: Figure 1 shows two
rubber bands stretched over two signal paths of a test board that is used in
several Technical Tidbit articles on this website. In some sense, the
rubber bands serve to illustrate how a signal loop is affected by a
break in a ground plane. The signal path at the bottom of the board is
over a solid ground plane. All signal paths define a loop, from source
to load and back again. In the lower path in Figure 1, the signal path
extends from the BNC connector to a 47 Ohm resistor on the right (hidden
by the rubber band). The signal returns by the path of least impedance,
which at frequencies much above tens of kHz is the path of least
inductance. This is right under the signal path in the ground plane.
The current in the ground plane spreads out somewhat, but not much,
being confined mostly to a few widths of the signal path in the ground
The two sides of the rubber band loop also are very close to each other
because force is needed to stretch the bands further apart, much
like the electrical signal path.
In the upper path, the signal loop extends from the BNC connector to
the 47 Ohm load on the right (partially obscured by the rubber band),
The signal returns over the path of least inductance as before,
but this time it is forced around the end of the ground plane break.
The returning signal current will stay near the signal to load
path until close to the break and then follow the break closely around its end
and back to the signal path, opening a much larger loop between the two
sides of the signal loop than without the break. The signal to load
path and the returning path in the ground plane now define a good sized
loop which has all manner of unpleasant effects on circuit operation.
Five Technical Tidbit articles on this site describe some of these
effects and are linked at the end of this article. The unintended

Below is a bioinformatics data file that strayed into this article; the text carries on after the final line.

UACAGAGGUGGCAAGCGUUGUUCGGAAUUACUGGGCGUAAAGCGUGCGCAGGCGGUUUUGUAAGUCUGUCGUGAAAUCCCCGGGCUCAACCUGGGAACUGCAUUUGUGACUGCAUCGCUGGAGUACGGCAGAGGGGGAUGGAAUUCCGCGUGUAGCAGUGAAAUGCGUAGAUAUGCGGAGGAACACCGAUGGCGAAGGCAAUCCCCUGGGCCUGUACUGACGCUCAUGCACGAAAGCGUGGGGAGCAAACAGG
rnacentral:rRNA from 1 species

effects of the ground break include: crosstalk, lowered immunity to
EMI, increased emissions, and slowing of the signal risetime.
The upper rubber band in Figure 1 acts in a similar manner. The two
halves of the rubber band want to be close to each other. Force is
required to separate them and pull one half of the rubber band to
the end of the ground break. The rubber band would like to snap into
place again, but is being held apart, defining a large loop. The force
holding the rubber band at the end of the ground break is like the
increased loop inductance in the signal loop of the electrical signal.
The current really wants to have the two parts of its loop close to
each other to minimize inductance. The difference between the two cases
is that the current hugs the ground break whereas the rubber band forms
a triangle. But the analogy is good enough for a manager.
Figure 2 shows another example of forcing a signal return away from the
signal path, a pigtail connection of a shield. If you connect a
coaxial cable using the device in Figure
2, it is not difficult using a three Volt,
30 MHz square wave with a two nanosecond risetime to exceed emission
limits by 40+ dB. If the device of Figure 2 is inserted in a
coaxial cable of any cost, the shielding performance of the coaxial cable will likely be worst than
the cheapest cable you can buy without the device inserted.
Pigtail Connection of a Coax Shield